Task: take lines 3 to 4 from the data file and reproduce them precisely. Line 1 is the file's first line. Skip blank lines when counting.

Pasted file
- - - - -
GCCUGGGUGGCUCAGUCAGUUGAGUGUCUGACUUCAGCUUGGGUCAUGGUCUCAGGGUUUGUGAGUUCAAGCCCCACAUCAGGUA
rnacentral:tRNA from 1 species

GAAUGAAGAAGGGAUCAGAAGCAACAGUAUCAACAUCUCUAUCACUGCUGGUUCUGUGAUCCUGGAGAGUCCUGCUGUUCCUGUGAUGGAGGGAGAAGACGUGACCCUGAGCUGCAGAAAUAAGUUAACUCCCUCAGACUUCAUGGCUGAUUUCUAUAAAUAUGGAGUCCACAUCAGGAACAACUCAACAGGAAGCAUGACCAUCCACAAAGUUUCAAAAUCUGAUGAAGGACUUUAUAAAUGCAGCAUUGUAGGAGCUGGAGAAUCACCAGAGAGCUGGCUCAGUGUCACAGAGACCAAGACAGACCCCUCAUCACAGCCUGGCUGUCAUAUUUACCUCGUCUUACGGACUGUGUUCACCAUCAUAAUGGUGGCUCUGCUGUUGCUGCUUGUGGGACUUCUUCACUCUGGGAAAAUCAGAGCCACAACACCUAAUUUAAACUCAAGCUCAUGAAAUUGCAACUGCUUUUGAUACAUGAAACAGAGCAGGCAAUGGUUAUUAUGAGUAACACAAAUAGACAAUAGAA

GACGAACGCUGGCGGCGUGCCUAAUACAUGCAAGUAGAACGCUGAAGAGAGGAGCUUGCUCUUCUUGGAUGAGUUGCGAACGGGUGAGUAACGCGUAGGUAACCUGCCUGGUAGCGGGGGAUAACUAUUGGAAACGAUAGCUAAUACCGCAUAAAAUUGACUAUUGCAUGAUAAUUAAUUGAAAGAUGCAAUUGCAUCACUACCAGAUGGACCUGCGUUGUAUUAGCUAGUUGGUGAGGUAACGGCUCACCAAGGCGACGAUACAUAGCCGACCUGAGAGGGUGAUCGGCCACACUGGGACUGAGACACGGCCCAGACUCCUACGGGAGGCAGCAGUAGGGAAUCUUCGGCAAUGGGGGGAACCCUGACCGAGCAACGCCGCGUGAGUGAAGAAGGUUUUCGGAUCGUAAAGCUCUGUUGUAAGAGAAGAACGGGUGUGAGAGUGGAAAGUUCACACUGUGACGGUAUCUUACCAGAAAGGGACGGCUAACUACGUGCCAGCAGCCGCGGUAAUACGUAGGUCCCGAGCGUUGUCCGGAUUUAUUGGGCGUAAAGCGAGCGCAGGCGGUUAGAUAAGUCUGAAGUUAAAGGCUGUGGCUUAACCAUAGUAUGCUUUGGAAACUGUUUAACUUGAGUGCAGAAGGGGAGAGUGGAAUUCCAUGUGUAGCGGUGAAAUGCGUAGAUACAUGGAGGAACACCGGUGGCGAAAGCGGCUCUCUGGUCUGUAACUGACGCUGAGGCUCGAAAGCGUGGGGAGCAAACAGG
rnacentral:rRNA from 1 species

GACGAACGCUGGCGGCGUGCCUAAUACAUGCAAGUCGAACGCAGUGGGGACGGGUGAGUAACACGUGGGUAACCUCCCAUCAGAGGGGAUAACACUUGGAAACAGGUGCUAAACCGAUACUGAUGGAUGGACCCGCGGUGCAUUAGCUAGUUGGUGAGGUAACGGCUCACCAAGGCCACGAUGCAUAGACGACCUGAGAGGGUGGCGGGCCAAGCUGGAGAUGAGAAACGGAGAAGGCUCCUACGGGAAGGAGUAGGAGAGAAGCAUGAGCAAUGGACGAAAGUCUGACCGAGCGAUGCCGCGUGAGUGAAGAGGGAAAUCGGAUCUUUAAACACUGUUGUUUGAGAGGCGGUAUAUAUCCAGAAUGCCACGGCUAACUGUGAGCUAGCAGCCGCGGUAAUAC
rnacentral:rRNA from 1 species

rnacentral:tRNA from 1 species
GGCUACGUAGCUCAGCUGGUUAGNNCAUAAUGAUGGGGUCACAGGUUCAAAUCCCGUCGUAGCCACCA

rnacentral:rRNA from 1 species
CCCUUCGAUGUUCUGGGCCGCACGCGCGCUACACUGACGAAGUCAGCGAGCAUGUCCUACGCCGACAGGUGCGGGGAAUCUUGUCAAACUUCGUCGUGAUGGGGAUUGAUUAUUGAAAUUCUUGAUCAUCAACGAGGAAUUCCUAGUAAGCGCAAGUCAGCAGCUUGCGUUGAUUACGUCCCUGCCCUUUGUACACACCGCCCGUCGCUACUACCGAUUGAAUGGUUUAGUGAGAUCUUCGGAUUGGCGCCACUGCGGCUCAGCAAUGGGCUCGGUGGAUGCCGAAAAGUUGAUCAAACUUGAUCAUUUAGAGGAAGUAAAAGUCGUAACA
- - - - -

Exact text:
GAAUGAAGAAGGGAUCAGAAGCAACAGUAUCAACAUCUCUAUCACUGCUGGUUCUGUGAUCCUGGAGAGUCCUGCUGUUCCUGUGAUGGAGGGAGAAGACGUGACCCUGAGCUGCAGAAAUAAGUUAACUCCCUCAGACUUCAUGGCUGAUUUCUAUAAAUAUGGAGUCCACAUCAGGAACAACUCAACAGGAAGCAUGACCAUCCACAAAGUUUCAAAAUCUGAUGAAGGACUUUAUAAAUGCAGCAUUGUAGGAGCUGGAGAAUCACCAGAGAGCUGGCUCAGUGUCACAGAGACCAAGACAGACCCCUCAUCACAGCCUGGCUGUCAUAUUUACCUCGUCUUACGGACUGUGUUCACCAUCAUAAUGGUGGCUCUGCUGUUGCUGCUUGUGGGACUUCUUCACUCUGGGAAAAUCAGAGCCACAACACCUAAUUUAAACUCAAGCUCAUGAAAUUGCAACUGCUUUUGAUACAUGAAACAGAGCAGGCAAUGGUUAUUAUGAGUAACACAAAUAGACAAUAGAA

GACGAACGCUGGCGGCGUGCCUAAUACAUGCAAGUAGAACGCUGAAGAGAGGAGCUUGCUCUUCUUGGAUGAGUUGCGAACGGGUGAGUAACGCGUAGGUAACCUGCCUGGUAGCGGGGGAUAACUAUUGGAAACGAUAGCUAAUACCGCAUAAAAUUGACUAUUGCAUGAUAAUUAAUUGAAAGAUGCAAUUGCAUCACUACCAGAUGGACCUGCGUUGUAUUAGCUAGUUGGUGAGGUAACGGCUCACCAAGGCGACGAUACAUAGCCGACCUGAGAGGGUGAUCGGCCACACUGGGACUGAGACACGGCCCAGACUCCUACGGGAGGCAGCAGUAGGGAAUCUUCGGCAAUGGGGGGAACCCUGACCGAGCAACGCCGCGUGAGUGAAGAAGGUUUUCGGAUCGUAAAGCUCUGUUGUAAGAGAAGAACGGGUGUGAGAGUGGAAAGUUCACACUGUGACGGUAUCUUACCAGAAAGGGACGGCUAACUACGUGCCAGCAGCCGCGGUAAUACGUAGGUCCCGAGCGUUGUCCGGAUUUAUUGGGCGUAAAGCGAGCGCAGGCGGUUAGAUAAGUCUGAAGUUAAAGGCUGUGGCUUAACCAUAGUAUGCUUUGGAAACUGUUUAACUUGAGUGCAGAAGGGGAGAGUGGAAUUCCAUGUGUAGCGGUGAAAUGCGUAGAUACAUGGAGGAACACCGGUGGCGAAAGCGGCUCUCUGGUCUGUAACUGACGCUGAGGCUCGAAAGCGUGGGGAGCAAACAGG